List: Top 5 Books that Illuminated my Writing Path.

I love lists so each Saturday my plan is to share a list of some sort,                                    covering a range of topics

five books

These are the top five books that started me on the writing path and that I turn to again and again.

  1. “Writing Down the Bones” by Natalie Goldberg. This is the absolute first book that offered me a glimmer of recognition that perhaps I could write. Actually, that I must write.
  2. “Bird by Bird” by Anne Lamott She helped and continues to help me loosen the grip of perfectionism by taking it word by word, allowing myself to write shitty first drafts and writing what I can see through a 1-inch picture frame.
  3. “Ron Carlson Writes a Story” by Ron Carlson As he takes us meticulously through his process of writing one particular short story, Carlson reminds of the importance of doing the work, of staying in the room even when—especially when—I want leave.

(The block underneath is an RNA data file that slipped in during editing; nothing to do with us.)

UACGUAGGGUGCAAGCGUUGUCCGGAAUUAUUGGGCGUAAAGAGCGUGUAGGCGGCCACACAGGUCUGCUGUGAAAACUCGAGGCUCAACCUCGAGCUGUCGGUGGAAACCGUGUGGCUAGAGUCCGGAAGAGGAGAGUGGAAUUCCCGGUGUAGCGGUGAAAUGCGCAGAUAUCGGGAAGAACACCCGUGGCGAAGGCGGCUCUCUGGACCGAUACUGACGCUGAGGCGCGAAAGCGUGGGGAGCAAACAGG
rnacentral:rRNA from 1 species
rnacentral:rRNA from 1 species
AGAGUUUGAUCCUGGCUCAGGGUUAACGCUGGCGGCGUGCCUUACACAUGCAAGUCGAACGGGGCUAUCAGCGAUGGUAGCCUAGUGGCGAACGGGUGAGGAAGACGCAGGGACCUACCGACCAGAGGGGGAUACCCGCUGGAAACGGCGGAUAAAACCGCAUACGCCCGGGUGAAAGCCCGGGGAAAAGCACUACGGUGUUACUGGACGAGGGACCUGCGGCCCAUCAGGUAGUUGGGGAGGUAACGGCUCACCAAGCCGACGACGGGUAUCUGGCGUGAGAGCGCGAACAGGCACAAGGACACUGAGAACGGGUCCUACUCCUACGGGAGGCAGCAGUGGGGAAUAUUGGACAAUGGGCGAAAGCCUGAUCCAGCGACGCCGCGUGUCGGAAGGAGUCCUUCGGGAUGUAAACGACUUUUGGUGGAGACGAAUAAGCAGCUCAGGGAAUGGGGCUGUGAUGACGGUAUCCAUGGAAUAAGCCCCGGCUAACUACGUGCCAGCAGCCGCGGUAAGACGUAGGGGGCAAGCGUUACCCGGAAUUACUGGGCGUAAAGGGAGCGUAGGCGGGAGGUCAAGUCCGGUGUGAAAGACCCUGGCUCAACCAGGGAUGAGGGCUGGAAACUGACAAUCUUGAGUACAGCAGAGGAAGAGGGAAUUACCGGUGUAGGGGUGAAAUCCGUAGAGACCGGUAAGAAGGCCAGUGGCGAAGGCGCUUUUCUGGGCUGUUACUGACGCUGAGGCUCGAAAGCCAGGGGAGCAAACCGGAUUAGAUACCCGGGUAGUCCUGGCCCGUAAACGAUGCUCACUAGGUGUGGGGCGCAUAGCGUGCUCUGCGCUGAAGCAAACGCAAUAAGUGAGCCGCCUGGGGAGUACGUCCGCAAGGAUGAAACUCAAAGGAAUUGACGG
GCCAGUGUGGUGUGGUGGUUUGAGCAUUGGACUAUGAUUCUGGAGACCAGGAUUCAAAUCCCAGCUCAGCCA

4. “The Writer’s Portable Mentor” by Priscilla Long This is a book about process and craft but it goes deep into all the layers of craft far beyond character, plot and setting. Never fails to get my pen moving again.
  5. “Still Writing” by Dani Shapiro I have read this gem at least three times, maybe four and am currently reading it each morning as I eat my breakfast and drink tea at my desk before plunging into my own writing. Her honest reflection of the writing life comforts me as I continue to show up to the page and to my own writing life.

What books illuminate the writer in you? Please share in the comments!

Five on Friday.

Each Friday I try to share five links that made me think, inspired me or I just found entertaining throughout the week.

  1. This whet my appetite for more international travel.
  2. Pretty sure I’ve had ALL these feelings.
  3. I love doing this kind of workout when I don’t have a lot of time.
  4. A great resource for vegan recipes. And these brownies look ah-may-zing!
  5. One of the best pieces I’ve read on the horror that descended on Charlottesville.